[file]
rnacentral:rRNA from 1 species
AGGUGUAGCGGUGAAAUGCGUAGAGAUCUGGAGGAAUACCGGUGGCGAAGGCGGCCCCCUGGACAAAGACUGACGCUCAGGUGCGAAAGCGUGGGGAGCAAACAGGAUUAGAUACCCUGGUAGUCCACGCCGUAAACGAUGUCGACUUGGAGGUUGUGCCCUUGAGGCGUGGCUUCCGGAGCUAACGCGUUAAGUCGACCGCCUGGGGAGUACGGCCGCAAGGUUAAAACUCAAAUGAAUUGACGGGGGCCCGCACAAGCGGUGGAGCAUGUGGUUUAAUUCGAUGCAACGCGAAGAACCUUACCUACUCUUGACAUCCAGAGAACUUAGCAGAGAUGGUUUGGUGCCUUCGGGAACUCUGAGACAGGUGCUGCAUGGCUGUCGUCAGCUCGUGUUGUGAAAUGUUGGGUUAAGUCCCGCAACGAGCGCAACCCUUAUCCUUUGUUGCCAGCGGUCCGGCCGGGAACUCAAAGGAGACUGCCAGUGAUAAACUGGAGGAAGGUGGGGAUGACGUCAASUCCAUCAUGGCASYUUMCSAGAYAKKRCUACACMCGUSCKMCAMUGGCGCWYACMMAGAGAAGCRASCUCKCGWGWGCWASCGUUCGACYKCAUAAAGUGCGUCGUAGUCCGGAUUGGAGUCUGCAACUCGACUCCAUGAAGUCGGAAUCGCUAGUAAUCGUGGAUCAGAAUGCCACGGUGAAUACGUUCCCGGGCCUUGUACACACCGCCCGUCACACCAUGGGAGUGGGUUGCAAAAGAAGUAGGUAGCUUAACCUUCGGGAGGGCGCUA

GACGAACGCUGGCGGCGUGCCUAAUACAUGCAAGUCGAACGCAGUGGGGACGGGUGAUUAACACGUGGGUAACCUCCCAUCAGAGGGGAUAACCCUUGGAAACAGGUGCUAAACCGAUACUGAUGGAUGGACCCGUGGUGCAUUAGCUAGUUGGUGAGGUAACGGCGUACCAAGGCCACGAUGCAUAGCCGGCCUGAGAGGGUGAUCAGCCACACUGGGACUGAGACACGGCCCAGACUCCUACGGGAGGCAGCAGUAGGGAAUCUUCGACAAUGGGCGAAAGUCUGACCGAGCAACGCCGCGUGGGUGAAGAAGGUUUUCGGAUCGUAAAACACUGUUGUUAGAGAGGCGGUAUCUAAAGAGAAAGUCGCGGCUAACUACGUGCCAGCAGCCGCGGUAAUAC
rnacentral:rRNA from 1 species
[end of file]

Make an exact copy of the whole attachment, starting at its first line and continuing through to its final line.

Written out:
rnacentral:rRNA from 1 species
AGGUGUAGCGGUGAAAUGCGUAGAGAUCUGGAGGAAUACCGGUGGCGAAGGCGGCCCCCUGGACAAAGACUGACGCUCAGGUGCGAAAGCGUGGGGAGCAAACAGGAUUAGAUACCCUGGUAGUCCACGCCGUAAACGAUGUCGACUUGGAGGUUGUGCCCUUGAGGCGUGGCUUCCGGAGCUAACGCGUUAAGUCGACCGCCUGGGGAGUACGGCCGCAAGGUUAAAACUCAAAUGAAUUGACGGGGGCCCGCACAAGCGGUGGAGCAUGUGGUUUAAUUCGAUGCAACGCGAAGAACCUUACCUACUCUUGACAUCCAGAGAACUUAGCAGAGAUGGUUUGGUGCCUUCGGGAACUCUGAGACAGGUGCUGCAUGGCUGUCGUCAGCUCGUGUUGUGAAAUGUUGGGUUAAGUCCCGCAACGAGCGCAACCCUUAUCCUUUGUUGCCAGCGGUCCGGCCGGGAACUCAAAGGAGACUGCCAGUGAUAAACUGGAGGAAGGUGGGGAUGACGUCAASUCCAUCAUGGCASYUUMCSAGAYAKKRCUACACMCGUSCKMCAMUGGCGCWYACMMAGAGAAGCRASCUCKCGWGWGCWASCGUUCGACYKCAUAAAGUGCGUCGUAGUCCGGAUUGGAGUCUGCAACUCGACUCCAUGAAGUCGGAAUCGCUAGUAAUCGUGGAUCAGAAUGCCACGGUGAAUACGUUCCCGGGCCUUGUACACACCGCCCGUCACACCAUGGGAGUGGGUUGCAAAAGAAGUAGGUAGCUUAACCUUCGGGAGGGCGCUA

GACGAACGCUGGCGGCGUGCCUAAUACAUGCAAGUCGAACGCAGUGGGGACGGGUGAUUAACACGUGGGUAACCUCCCAUCAGAGGGGAUAACCCUUGGAAACAGGUGCUAAACCGAUACUGAUGGAUGGACCCGUGGUGCAUUAGCUAGUUGGUGAGGUAACGGCGUACCAAGGCCACGAUGCAUAGCCGGCCUGAGAGGGUGAUCAGCCACACUGGGACUGAGACACGGCCCAGACUCCUACGGGAGGCAGCAGUAGGGAAUCUUCGACAAUGGGCGAAAGUCUGACCGAGCAACGCCGCGUGGGUGAAGAAGGUUUUCGGAUCGUAAAACACUGUUGUUAGAGAGGCGGUAUCUAAAGAGAAAGUCGCGGCUAACUACGUGCCAGCAGCCGCGGUAAUAC
rnacentral:rRNA from 1 species